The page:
Not because they are afraid of American Jewish Zionist power and the impact on their careers? Yet you have introduced historical European Jewish victimhood implying latent Gentile anti-Semitism waiting to pounce. Why?

    • JWalters on May 22, 2018, 7:41 pm

      I agree the “reporters” are covering up to keep their jobs. Being sensitive to history I take as their somewhat plausible cover story. Meanwhile, there is an acknowledgement that at least some historical actions against Jewish communities were accompanied by claims of Jewish domination.

    • philweiss on May 23, 2018, 8:48 am

      Because I just visited Poland.

      • on May 23, 2018, 9:52 am

        Maybe it’s time you visited the Alamo.

      • Keith on May 23, 2018, 11:16 am

        PHIL- “Because I just visited Poland.”

        Perhaps you should now visit Korea, Vietnam, Iraq, Syria, Libya and most of the “death squad democracies” in South America, etc, to get up to speed on all of the killing the empire has done since then. As a citizen of empire, your primary concern should be the current actions of empire, not the past actions of Nazi Germany. Do not use the past to turn a blind eye to the present and the future, nor to reinforce a narrow ethnic bias. Harping on anti-Semitism or potential anti-Semitism is a tactic to control the narrative, nothing more. And a successful one at that.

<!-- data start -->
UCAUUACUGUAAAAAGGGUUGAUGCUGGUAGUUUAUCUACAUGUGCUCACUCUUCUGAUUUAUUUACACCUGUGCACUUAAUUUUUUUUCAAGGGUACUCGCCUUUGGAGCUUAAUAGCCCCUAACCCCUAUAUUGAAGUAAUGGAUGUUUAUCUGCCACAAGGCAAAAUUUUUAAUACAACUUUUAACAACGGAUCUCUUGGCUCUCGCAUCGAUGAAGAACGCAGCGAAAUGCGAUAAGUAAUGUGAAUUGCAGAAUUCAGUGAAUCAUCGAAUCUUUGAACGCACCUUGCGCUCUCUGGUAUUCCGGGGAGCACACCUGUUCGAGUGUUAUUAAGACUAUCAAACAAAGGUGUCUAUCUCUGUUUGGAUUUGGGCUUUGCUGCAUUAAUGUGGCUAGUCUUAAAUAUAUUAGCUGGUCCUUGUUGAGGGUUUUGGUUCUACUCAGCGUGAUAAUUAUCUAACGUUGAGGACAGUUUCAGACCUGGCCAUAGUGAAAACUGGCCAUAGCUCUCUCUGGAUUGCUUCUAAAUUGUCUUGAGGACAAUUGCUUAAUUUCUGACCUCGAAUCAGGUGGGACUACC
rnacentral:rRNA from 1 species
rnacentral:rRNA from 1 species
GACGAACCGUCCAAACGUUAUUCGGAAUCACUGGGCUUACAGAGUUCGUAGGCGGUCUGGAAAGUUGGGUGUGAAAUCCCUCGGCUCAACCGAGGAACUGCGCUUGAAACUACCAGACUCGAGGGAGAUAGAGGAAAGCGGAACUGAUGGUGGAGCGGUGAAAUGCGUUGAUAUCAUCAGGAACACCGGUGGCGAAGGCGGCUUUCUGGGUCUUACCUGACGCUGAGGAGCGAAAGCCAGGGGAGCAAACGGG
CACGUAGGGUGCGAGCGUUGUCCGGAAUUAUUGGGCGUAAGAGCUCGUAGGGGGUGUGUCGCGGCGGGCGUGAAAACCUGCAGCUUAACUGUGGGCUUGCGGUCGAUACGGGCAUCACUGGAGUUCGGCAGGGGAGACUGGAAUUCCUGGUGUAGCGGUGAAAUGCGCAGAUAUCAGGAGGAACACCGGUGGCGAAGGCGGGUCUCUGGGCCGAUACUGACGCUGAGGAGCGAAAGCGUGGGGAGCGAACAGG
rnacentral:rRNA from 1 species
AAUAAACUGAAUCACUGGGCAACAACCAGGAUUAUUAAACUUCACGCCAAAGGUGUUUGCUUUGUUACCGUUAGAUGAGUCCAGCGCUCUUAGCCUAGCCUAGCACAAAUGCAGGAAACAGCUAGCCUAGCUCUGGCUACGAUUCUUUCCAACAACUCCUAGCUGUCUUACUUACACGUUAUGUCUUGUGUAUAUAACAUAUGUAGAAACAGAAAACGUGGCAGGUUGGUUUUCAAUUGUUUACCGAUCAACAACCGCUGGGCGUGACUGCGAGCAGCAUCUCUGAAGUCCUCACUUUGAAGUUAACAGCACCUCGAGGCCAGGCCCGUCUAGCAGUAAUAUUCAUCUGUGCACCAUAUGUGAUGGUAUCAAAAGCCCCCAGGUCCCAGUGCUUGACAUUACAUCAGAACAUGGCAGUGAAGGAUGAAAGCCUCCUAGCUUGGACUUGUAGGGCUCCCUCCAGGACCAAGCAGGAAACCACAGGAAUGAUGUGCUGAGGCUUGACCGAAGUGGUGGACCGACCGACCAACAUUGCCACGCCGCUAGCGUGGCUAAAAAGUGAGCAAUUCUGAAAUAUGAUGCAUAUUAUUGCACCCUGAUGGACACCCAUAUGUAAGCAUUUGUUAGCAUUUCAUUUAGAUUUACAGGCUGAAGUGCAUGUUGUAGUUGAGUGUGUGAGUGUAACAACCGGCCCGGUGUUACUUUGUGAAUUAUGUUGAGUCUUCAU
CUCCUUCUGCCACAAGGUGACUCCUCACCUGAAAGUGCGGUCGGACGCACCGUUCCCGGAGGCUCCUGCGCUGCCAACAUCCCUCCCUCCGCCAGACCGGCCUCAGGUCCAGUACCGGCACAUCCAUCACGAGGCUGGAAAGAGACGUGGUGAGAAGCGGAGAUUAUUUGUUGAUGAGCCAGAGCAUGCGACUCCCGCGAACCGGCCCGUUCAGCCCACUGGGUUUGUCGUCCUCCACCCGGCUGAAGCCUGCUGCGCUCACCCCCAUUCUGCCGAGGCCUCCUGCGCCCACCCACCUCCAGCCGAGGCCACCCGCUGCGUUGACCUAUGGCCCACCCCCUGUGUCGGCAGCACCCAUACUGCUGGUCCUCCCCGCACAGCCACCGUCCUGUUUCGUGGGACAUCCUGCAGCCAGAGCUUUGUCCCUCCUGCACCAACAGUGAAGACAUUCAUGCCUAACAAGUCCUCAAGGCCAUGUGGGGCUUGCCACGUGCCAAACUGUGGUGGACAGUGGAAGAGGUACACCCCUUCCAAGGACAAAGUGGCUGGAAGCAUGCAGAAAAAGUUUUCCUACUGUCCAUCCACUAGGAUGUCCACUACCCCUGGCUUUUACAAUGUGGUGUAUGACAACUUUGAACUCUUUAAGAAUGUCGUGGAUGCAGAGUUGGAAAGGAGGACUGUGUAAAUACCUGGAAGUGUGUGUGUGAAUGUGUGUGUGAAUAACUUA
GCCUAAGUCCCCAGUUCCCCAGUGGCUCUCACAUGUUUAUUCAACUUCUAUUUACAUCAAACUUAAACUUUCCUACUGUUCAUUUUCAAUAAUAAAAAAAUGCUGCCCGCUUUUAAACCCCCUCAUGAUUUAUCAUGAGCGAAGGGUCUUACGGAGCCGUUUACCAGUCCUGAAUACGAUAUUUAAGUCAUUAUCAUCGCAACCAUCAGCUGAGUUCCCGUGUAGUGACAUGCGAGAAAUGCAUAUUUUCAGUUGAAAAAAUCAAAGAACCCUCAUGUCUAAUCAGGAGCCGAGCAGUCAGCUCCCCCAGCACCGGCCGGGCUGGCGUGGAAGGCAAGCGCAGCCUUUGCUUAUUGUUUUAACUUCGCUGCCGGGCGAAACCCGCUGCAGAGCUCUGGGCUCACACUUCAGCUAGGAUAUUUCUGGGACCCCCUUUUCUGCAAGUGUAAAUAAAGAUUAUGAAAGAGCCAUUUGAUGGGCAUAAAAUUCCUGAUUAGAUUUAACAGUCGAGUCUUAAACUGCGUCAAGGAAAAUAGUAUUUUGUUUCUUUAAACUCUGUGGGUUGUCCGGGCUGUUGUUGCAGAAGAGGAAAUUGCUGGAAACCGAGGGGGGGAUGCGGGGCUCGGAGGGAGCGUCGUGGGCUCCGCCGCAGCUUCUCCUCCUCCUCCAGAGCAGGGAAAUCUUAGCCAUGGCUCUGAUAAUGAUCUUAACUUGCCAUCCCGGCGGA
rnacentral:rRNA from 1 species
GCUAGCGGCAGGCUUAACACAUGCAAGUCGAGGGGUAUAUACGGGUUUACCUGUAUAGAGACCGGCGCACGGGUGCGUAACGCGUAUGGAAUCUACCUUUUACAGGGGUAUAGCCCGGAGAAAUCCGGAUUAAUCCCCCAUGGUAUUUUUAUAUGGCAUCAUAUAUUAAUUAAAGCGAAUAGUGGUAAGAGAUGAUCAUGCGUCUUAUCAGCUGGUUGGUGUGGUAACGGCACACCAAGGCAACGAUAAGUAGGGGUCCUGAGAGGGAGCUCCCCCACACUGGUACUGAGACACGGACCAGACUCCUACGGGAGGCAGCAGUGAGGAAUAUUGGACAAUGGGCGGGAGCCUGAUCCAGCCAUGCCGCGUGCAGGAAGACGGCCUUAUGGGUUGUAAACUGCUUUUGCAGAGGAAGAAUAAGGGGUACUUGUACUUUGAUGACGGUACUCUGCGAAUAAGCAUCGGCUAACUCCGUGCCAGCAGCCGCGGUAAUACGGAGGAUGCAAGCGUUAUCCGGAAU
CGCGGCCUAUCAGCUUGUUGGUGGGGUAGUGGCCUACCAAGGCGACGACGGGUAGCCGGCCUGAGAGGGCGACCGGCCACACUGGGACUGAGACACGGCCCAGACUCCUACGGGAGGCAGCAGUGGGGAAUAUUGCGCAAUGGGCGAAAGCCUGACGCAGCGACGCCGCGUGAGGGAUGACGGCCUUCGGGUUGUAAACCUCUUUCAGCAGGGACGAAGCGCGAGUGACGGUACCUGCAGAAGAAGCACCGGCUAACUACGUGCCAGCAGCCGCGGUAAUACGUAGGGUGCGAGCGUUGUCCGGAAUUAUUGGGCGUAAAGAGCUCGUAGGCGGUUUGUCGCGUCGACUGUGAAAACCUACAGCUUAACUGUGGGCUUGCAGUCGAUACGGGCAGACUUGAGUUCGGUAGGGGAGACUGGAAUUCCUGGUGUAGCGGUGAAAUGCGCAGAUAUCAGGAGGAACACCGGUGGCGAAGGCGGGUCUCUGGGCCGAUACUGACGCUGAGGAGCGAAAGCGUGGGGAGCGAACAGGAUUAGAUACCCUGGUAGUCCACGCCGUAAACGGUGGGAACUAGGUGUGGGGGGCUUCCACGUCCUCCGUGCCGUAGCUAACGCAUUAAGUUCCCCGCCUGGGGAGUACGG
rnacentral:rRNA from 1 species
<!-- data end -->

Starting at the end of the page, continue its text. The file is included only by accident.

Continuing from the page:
• Keith on May 23, 2018, 11:27 am

        BROADSIDE- “Maybe it’s time you visited the Alamo.”

        Forget the Alamo, visit the new lynching museum in Alabama to learn about real and ugly American history.

        And let us not forget what was done to the native Americans whose treatment was the inspiration for Hitler’s lebensraum.